34

I have already booted up an OS but find it too slow to work on. Is there a way to increase the RAM which was allocated to it initially?

47

Pretty easy to do.

  1. Power down the VM (the guest has to be off, not just not running but with a saved state).
  2. Discard 'Saved State'
  3. Open the VM's settings.
  4. Open the System tab.
  5. Change the "Base memory" value to however much RAM you want.

Remember, the VM will reserve all the RAM you allocate to it on your host, so make sure you have enough spare RAM. Most modern OSes will deal with the amount of RAM changing just fine, but you may still run in to trouble, so make a snapshot first.

2
  • 3
    Many settings are greyed out and cannot be altered. One must first do "Discard Saved State". This is safe because I shut the VM down previously. After that the RAM can be expanded. – mark4asp Jul 10 '17 at 18:49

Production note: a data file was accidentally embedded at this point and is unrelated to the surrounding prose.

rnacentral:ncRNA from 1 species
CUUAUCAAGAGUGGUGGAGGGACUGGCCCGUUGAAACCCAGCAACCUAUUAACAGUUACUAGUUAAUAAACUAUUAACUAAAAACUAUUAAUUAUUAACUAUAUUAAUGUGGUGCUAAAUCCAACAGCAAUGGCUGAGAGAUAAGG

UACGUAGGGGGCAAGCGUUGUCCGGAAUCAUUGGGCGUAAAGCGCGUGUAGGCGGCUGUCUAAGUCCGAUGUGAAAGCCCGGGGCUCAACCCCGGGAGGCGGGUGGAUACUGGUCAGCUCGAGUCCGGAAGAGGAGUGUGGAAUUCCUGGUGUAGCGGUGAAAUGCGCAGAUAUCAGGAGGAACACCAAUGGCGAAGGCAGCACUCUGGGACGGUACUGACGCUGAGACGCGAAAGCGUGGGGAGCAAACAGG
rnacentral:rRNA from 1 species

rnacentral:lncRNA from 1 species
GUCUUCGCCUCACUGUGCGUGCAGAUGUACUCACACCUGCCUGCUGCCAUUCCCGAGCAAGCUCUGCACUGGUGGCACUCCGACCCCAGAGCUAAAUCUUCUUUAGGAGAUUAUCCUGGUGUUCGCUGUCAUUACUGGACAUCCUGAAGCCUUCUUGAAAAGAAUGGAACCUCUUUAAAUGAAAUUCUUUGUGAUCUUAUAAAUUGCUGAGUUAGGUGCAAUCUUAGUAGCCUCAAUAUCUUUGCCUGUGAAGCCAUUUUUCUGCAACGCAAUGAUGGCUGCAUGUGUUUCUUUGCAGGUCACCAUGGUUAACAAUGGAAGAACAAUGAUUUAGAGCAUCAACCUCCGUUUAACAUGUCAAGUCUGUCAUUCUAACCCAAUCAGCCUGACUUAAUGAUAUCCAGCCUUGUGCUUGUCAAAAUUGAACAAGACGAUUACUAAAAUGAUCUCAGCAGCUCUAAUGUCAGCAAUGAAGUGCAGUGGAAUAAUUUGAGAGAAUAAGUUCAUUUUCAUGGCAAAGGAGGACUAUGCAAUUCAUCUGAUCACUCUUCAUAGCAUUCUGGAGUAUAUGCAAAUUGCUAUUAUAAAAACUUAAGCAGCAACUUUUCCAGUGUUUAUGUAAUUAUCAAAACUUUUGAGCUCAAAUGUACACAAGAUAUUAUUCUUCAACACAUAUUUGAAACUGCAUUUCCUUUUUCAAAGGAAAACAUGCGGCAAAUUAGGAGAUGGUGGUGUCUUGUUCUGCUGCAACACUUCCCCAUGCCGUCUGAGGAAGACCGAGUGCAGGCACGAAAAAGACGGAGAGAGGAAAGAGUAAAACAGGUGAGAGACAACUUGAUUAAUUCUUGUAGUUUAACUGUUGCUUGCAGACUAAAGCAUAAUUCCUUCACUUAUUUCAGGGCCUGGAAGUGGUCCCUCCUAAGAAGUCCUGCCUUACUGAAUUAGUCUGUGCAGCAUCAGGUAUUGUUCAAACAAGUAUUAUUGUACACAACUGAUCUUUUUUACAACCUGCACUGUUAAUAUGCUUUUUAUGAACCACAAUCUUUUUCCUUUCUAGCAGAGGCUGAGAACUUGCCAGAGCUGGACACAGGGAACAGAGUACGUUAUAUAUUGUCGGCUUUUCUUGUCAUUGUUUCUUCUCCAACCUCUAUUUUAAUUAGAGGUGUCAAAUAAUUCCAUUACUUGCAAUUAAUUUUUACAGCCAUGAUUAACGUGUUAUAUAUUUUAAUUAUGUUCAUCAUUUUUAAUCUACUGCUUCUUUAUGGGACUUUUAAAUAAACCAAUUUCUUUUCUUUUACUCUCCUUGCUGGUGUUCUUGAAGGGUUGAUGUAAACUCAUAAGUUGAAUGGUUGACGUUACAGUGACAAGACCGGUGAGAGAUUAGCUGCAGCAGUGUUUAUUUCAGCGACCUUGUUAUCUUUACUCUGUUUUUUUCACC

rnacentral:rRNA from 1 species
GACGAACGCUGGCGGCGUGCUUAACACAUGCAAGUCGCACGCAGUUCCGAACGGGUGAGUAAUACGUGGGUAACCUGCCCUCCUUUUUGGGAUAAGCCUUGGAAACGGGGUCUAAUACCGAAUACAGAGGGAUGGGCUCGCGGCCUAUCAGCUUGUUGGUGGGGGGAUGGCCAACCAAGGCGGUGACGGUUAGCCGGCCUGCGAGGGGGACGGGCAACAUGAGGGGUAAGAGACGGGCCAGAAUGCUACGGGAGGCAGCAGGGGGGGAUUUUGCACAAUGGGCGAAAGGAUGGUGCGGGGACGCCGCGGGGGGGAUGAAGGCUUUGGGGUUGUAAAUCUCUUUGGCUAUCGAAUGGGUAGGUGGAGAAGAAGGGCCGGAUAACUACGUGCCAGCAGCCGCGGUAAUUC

• With VirtualBox 5.2.4 I didn't need to discard the saved state. I just followed the list, except for point 2, and it worked. So maybe they changed it in recent versions. – Fabio says Reinstate Monica Aug 21 '18 at 18:47
4

In addition to Dennis M, to change Vm machine memory settings via command line, I used :

vboxmanage modifyvm "Centos7_Vanila" --memory 1000
  • Where "Centos7_Vanila" is my VM name.
  • To Get your imported / listed VMs run following command :

    vboxmanage list vms
    
1
  • Just a note: the default unit seems to be megabytes and it will fail if you try to add the unit like --memory 1000M. – Luc Mar 26 at 16:41
0

There is a fast way in terminal, I named the virtual machine "Android 8.1 Oreo", so just modify that on the following command:

vboxmanage modifyvm "Android 8.1 Oreo" --vram 256

I had a maximum of 128.

1
  • The question is not about VRAM. – gronostaj Dec 23 '19 at 13:46

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